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Children, young people and families

Divorce deepens gender inequalities in parent-child time

After a divorce, the time kids spent with their mothers doubled - but time spent with fathers remained extremely low.

16 February 2023

By Emily Reynolds

Separation – even an amicable one – can have a significant impact on children and how they relate to the world. Research has shown that separation or divorce can have a negative impact on children's development, for one. And there are obvious repercussions for parents, too, many of which are gendered: women's career progression is often impacted by divorce, and men frequently become less involved in their children's lives post-separation.

A study published in the European Journal of Population further explores this gendered element, looking specifically at time children spend with their parents post-separation. It finds that time spent with mothers doubles after parents split up – and that time spent with fathers remains extremely low. Break-ups also had a significant impact on the kinds of activities that children took part in.

Data was collected from a longitudinal study of around 5000 children in Australia born in 2000. On one day each year when the children were aged between 4 and 8, their parents filled in daily diaries every fifteen minutes noting what they were doing; children filled in these diaries themselves from ages 10 to 14. The researchers coded the information provided by the children into a list of activities, and also noted who the child was with.

In the first wave of data collection, all children were living with two parents. The team then formed two subsamples: children who transitioned from living with two parents to living with just one, and children who remained living with both parents. The researchers looked at how children spent their time before and after separation.  Specifically, they looked at the time children spent with both their mother and father; time spent just with their mother; time spent just with their father; time alone; educational time outside of school, such as reading, studying, or going to the library; and unstructured leisure time spent watching TV, playing, or texting. In their analysis, the team also took into account other factors that could influence the results, such as whether children had siblings, whether their parents moved a new partner into the home, and socio-economic factors.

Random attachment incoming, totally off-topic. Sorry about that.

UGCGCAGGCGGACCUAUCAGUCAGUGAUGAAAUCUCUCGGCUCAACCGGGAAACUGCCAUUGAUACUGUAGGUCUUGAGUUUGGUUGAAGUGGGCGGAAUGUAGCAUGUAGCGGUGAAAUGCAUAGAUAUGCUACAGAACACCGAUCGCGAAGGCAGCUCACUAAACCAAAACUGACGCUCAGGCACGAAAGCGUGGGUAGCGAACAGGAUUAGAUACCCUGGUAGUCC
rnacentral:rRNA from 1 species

The results showed that time spent with mothers almost doubled after parental break-ups: before separation, mothers spent around 2.5 hours a day with their children, increasing by 2 hours post-separation (although this may seem like a small amount of time, diaries were taken during weekdays when children were at school). Time spent with fathers remained extremely low: pre-separation, fathers spent around 50 minutes a day with their children, a figure that remained approximately the same post-break-up.

Unsurprisingly, the children spent substantially less time with both parents together after the break-up. Other forms of activity were also affected. Boys in particular were more likely to see an increase in their unstructured activities, and spent less time in educational activities outside of school. This suggests that mothers take on the majority of the parenting post break-ups.

Overall, these effects were temporary: after four years, mother-child time had returned to pre-separation levels. Time spent with two parents decreased dramatically for one year, though it increased after this. Time alone also returned to pre-separation levels after two years. This supports the so-called 'set point theory', which suggests that major life events can affect our behaviour in the short term but that this behaviour returns to baseline levels over time. The team suggests that, in this case, this could be because levels of stress decrease, childcare patterns are rearranged over time, or new relationships begin after separation that can replace time spent with parents. Of course, it's also likely that as the children aged, they became more independent. A child of seven is likely to want to spend more time with their parents than a child of eleven, who might value their own independence.

The study didn't look at exactly how spending more time with mothers and less with fathers impacted children. Did it change their behaviour, how they related to their parents, or how they related to themselves or others? Reducing time spent in educational activities and increasing time spent in unstructured activities will also affect children in terms of intellectual or interpersonal development – future research could explore this further.

Parents who are separating could also take the results from this research into account when sharing childcare post-separation. Fathers are already spending too little time with their children even pre-separation – so ensuring enough time is being taken together doing structured activities could be beneficial both for parents and their children when dealing with the stress of a break-up.